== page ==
When I was searching for my first role 18 years ago, I really wanted to work for a multinational company. At that time, I was interested in a few different areas, such as fast-moving consumer goods, banking, and tech companies.
In the end, I did get some good offers, but the best was for a sales position in J&J’s medical devices division. This role really attracted me because it allowed me to have some autonomy over my sales plan and to serve different territories. It was a good environment for professional and personal growth, which was just what I was looking for.
I also found medical devices to be a dynamic and fast-paced sector. Within the healthcare field, the life cycle of medical device products is quite short – the technology and materials advance every few years. And compared to pharmaceuticals, where it may take some time for patients to try various treatment options before achieving their goals, medical devices can allow them to immediately start returning to their normal lives. That impact gave me a lot of motivation to continue working in this area, and I would certainly make the same decision if given the opportunity to start over.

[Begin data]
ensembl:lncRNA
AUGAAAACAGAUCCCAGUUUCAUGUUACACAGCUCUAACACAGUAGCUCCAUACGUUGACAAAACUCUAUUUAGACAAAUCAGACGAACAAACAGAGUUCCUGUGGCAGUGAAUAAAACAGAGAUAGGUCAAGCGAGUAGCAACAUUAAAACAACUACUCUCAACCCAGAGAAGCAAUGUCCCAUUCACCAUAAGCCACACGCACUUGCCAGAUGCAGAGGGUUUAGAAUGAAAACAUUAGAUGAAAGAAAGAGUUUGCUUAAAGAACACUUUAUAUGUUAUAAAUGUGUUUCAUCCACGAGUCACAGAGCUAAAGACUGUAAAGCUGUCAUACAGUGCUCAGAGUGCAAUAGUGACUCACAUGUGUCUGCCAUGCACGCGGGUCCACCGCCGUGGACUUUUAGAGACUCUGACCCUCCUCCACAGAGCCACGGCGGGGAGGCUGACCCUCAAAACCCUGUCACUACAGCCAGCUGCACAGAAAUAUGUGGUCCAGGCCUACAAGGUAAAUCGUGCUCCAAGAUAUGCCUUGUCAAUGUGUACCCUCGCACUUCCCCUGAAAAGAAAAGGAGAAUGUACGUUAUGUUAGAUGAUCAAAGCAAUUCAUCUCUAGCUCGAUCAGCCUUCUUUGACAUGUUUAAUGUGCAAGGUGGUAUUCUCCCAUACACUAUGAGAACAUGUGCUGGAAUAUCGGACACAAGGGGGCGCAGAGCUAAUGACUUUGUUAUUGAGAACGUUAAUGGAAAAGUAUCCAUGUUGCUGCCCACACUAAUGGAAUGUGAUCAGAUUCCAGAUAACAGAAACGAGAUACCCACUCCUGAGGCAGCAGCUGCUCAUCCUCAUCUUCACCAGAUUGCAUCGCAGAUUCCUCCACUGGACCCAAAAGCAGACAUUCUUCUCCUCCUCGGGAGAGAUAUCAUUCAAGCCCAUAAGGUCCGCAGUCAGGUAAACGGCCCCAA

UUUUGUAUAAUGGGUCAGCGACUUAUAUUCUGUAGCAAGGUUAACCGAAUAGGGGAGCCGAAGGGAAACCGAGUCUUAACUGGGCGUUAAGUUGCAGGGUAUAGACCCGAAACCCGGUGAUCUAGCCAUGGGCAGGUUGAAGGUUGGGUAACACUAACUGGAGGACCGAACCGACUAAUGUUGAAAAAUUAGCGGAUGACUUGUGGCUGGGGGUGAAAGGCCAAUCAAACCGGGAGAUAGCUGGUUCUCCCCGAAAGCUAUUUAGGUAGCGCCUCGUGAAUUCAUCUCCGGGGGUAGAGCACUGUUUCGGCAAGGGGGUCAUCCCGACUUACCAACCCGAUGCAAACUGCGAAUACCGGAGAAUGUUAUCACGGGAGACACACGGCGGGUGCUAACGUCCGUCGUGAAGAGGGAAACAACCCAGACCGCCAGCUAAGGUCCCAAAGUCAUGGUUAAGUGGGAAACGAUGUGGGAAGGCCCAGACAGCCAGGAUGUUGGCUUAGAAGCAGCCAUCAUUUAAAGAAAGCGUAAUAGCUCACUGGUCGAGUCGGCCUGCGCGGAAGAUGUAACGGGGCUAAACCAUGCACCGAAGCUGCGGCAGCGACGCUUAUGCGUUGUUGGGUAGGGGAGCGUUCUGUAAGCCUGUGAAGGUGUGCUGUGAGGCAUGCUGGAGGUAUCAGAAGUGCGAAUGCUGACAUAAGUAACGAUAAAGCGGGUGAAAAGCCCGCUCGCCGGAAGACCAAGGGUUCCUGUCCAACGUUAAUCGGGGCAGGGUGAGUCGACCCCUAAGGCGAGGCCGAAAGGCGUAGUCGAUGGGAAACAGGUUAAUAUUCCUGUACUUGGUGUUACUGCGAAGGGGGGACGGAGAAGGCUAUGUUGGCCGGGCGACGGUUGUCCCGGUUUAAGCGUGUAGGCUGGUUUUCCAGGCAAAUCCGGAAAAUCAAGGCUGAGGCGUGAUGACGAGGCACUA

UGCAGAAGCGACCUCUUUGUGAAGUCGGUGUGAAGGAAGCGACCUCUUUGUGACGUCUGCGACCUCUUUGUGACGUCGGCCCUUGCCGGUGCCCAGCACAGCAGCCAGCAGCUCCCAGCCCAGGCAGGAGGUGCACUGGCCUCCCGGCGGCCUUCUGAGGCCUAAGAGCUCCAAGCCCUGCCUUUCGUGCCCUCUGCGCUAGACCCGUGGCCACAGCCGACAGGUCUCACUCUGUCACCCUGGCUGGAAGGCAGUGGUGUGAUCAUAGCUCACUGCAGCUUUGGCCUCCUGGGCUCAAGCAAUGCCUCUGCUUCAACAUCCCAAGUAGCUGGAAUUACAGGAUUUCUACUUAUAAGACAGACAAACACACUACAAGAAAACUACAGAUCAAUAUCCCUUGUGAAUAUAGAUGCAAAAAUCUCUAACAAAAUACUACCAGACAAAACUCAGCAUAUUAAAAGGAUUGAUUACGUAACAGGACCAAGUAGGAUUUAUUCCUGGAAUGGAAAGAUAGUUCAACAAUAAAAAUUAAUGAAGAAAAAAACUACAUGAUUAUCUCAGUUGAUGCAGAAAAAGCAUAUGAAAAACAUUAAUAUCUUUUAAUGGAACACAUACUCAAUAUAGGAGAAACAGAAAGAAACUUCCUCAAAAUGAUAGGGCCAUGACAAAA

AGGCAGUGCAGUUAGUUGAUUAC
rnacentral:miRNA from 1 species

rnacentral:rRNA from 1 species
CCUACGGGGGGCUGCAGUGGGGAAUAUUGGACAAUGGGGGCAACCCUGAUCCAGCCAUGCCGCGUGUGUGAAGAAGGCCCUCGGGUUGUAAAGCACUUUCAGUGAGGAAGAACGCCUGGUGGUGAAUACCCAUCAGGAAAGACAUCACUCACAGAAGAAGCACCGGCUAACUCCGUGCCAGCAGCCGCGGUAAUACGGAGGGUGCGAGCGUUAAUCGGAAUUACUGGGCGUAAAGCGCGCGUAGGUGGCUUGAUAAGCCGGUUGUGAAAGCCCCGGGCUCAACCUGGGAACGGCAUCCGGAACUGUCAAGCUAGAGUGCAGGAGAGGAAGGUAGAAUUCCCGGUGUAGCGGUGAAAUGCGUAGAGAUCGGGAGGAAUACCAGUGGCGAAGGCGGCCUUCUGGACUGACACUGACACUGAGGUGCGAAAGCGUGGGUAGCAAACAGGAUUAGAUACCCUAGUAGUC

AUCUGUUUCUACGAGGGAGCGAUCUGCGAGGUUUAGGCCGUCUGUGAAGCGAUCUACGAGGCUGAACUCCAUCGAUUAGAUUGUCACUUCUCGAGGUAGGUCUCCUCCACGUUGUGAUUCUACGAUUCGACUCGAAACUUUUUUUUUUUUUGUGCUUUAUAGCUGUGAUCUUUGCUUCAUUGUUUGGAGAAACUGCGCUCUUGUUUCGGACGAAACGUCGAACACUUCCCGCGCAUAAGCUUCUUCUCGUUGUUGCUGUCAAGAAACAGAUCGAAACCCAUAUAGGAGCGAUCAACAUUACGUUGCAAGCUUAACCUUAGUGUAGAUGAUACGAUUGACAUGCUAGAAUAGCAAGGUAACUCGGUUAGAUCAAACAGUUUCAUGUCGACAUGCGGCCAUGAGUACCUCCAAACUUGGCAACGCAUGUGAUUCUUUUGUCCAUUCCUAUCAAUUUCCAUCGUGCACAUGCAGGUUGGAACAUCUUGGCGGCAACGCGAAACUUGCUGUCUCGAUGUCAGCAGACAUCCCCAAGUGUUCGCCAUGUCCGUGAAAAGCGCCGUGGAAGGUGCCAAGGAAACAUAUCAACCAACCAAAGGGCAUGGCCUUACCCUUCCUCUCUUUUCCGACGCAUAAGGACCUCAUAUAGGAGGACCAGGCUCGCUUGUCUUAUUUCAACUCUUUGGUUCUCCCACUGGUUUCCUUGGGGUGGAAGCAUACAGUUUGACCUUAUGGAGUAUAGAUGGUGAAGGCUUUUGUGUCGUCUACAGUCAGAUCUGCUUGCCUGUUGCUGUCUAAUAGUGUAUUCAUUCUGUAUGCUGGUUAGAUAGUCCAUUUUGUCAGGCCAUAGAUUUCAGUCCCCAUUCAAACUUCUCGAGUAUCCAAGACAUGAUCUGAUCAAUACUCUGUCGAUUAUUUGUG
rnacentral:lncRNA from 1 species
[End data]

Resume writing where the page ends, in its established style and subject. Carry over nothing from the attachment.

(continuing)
What are your views on the competitiveness of U.S.-made medical devices in the Taiwan market? What are the most significant barriers to better market penetration?
I think Taiwan’s medical device market is adequately competitive. At J&J, we specialize in products that are technologically advanced and evidence-based but bringing those products to market is another story. Taiwan has a world-class healthcare system with excellent nationalized health insurance that is very beneficial to most patients. It covers over 99% of the population and has one of the best pricing structures in the world.